A Christian Insurrection

Supporters of President Donald Trump pray outside the U.S. Capitol on January 6, leaning on a large wooden cross.
Win McNamee / Getty

Updated 1:36 p.m. Eastern on January 8, 2020.

The name of God was everywhere during Wednesday’s insurrection against the American government. The mob carried signs and flag declaring Jesus saves! and God, Guns & Guts Made America, Let’s Keep All Three. Some were participants in the Jericho March, a gathering of Christians to “pray, march, fast, and rally for election integrity.” After calling on God to “save the republic” during rallies at state capitols and in D.C. over the past two months, the marchers returned to Washington with flourish. On the National Mall, one man waved the flag of Israel above a sign begging passersby to Say Yes to Jesus. “Shout if you love Jesus!” someone yelled, and the crowd cheered. “Shout if you love Trump!” The crowd cheered louder. The group’s name is drawn from the biblical story of Jericho, “a city of false gods and corruption,” the march’s website says. Just as God instructed Joshua to march around Jericho seven times with priests blowing trumpets, Christians gathered in D.C., blowing shofars, the ram’s horn typically used in Jewish worship, to banish the “darkness of election fraud” and ensure that “the walls of corruption crumble.”

The Jericho March is evidence that Donald Trump has bent elements of American Christianity to his will, and that many Christians have obligingly remade their faith in his image. Defiant masses literally broke down the walls of government, some believing they were marching under Jesus’s banner to implement God’s will to keep Trump in the White House. The group’s co-founders are essentially unknown in the organized Christian world. Robert Weaver, an evangelical Oklahoma insurance salesman, was nominated by Trump to lead the Indian Health Service but withdrew after The Wall Street Journal reported that he misrepresented his qualifications. Arina Grossu, who is Catholic, recently worked as a contract communications adviser at the Department of Health and Human Services. (Weaver and Grossu declined to comment. “Jericho March denounces any and all acts of violence and destruction, including any that took place at the U.S. Capitol on January 6th, 2021,” a PR spokesperson for the March wrote to me in an email after the publication of this article.) Still, they will have far more influence in shaping the reputation of Christianity for the outside world than many denominational giants: They helped stage a stunning effort to circumvent the 2020 election, all in the name of their faith. White evangelicals, in particular, overwhelmingly supported Trump in 2016 and 2020. Some of these supporters participated in the attack on the Capitol on Wednesday. But many in the country hold all Trump voters responsible—especially those who lent him the moral authority of their faith.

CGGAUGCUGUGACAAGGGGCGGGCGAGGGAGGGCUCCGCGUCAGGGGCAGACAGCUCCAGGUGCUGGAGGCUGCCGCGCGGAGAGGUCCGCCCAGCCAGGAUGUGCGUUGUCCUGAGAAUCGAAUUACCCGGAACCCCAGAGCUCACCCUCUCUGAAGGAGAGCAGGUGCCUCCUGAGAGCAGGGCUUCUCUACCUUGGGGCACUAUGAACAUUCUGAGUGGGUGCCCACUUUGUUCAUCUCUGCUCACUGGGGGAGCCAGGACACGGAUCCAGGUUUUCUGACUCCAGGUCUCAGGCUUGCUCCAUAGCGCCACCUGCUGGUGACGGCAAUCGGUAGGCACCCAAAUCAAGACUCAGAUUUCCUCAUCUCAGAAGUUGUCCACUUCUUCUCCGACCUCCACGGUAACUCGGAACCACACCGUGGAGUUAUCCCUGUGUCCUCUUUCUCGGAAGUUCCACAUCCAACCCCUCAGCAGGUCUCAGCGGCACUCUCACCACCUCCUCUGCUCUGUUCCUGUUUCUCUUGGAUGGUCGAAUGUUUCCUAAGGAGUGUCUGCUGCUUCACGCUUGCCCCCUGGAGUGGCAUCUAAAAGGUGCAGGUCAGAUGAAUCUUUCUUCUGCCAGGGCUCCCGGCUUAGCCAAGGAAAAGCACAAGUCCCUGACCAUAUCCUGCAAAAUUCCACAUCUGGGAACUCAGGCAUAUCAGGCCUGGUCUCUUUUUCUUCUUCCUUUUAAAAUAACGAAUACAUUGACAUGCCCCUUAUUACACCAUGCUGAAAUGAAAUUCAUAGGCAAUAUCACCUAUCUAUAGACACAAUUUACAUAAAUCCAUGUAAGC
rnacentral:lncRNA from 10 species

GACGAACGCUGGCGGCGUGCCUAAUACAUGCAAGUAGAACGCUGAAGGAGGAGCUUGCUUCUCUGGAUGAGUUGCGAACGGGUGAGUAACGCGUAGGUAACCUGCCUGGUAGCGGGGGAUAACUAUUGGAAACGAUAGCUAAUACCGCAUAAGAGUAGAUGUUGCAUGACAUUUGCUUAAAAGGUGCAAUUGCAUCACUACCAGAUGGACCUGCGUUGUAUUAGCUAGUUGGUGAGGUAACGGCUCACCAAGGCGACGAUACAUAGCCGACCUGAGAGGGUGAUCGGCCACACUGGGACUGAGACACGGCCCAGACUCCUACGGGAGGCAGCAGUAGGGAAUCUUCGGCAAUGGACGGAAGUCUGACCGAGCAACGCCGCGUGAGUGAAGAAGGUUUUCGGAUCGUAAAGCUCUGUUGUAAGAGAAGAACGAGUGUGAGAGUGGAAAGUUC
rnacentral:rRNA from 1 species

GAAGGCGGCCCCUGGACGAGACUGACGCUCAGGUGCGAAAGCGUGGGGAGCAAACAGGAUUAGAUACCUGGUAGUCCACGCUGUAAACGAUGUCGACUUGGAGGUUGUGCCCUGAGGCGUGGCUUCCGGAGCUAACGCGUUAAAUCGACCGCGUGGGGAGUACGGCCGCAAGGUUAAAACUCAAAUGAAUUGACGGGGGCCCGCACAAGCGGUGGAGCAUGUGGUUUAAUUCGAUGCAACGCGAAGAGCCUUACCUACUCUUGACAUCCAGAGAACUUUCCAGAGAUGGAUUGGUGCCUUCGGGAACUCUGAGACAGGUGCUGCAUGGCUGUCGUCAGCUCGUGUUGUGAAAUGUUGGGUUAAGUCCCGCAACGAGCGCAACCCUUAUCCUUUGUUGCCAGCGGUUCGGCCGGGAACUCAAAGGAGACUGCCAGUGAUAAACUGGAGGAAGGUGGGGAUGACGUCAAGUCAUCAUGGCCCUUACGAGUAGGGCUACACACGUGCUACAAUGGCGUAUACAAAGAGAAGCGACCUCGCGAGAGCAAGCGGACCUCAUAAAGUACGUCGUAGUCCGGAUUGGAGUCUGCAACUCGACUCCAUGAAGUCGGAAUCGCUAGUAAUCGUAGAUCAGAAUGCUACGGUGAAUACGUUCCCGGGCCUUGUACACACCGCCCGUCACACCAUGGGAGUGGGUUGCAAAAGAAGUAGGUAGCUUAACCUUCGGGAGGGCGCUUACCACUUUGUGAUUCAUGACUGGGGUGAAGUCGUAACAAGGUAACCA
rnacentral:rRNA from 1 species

A flag of Israel and a sign with Bible verses describing American current events
Scenes from the protests in Washington on Wednesday (Elaine Godfrey)